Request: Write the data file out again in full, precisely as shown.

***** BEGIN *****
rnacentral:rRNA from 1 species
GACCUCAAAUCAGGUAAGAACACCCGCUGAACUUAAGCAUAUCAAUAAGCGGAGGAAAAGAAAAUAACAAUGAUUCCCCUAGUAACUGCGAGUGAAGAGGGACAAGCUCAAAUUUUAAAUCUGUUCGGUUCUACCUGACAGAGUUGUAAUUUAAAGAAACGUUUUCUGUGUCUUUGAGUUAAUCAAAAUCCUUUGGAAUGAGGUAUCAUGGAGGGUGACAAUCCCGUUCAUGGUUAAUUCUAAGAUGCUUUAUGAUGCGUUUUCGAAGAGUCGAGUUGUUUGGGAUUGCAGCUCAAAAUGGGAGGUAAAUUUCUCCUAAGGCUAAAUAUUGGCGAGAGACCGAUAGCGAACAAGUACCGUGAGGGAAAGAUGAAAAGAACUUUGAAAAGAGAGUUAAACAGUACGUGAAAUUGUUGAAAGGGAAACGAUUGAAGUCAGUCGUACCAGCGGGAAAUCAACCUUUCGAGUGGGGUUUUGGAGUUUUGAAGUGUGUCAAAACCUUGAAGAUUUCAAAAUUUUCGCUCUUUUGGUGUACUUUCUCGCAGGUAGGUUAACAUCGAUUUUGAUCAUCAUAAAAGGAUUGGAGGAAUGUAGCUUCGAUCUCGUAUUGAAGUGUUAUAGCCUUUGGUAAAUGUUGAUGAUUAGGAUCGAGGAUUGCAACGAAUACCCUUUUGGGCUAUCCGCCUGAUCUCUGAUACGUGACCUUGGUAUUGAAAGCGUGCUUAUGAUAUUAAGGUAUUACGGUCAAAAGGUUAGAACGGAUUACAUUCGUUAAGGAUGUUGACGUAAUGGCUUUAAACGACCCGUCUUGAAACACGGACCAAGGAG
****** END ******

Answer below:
rnacentral:rRNA from 1 species
GACCUCAAAUCAGGUAAGAACACCCGCUGAACUUAAGCAUAUCAAUAAGCGGAGGAAAAGAAAAUAACAAUGAUUCCCCUAGUAACUGCGAGUGAAGAGGGACAAGCUCAAAUUUUAAAUCUGUUCGGUUCUACCUGACAGAGUUGUAAUUUAAAGAAACGUUUUCUGUGUCUUUGAGUUAAUCAAAAUCCUUUGGAAUGAGGUAUCAUGGAGGGUGACAAUCCCGUUCAUGGUUAAUUCUAAGAUGCUUUAUGAUGCGUUUUCGAAGAGUCGAGUUGUUUGGGAUUGCAGCUCAAAAUGGGAGGUAAAUUUCUCCUAAGGCUAAAUAUUGGCGAGAGACCGAUAGCGAACAAGUACCGUGAGGGAAAGAUGAAAAGAACUUUGAAAAGAGAGUUAAACAGUACGUGAAAUUGUUGAAAGGGAAACGAUUGAAGUCAGUCGUACCAGCGGGAAAUCAACCUUUCGAGUGGGGUUUUGGAGUUUUGAAGUGUGUCAAAACCUUGAAGAUUUCAAAAUUUUCGCUCUUUUGGUGUACUUUCUCGCAGGUAGGUUAACAUCGAUUUUGAUCAUCAUAAAAGGAUUGGAGGAAUGUAGCUUCGAUCUCGUAUUGAAGUGUUAUAGCCUUUGGUAAAUGUUGAUGAUUAGGAUCGAGGAUUGCAACGAAUACCCUUUUGGGCUAUCCGCCUGAUCUCUGAUACGUGACCUUGGUAUUGAAAGCGUGCUUAUGAUAUUAAGGUAUUACGGUCAAAAGGUUAGAACGGAUUACAUUCGUUAAGGAUGUUGACGUAAUGGCUUUAAACGACCCGUCUUGAAACACGGACCAAGGAG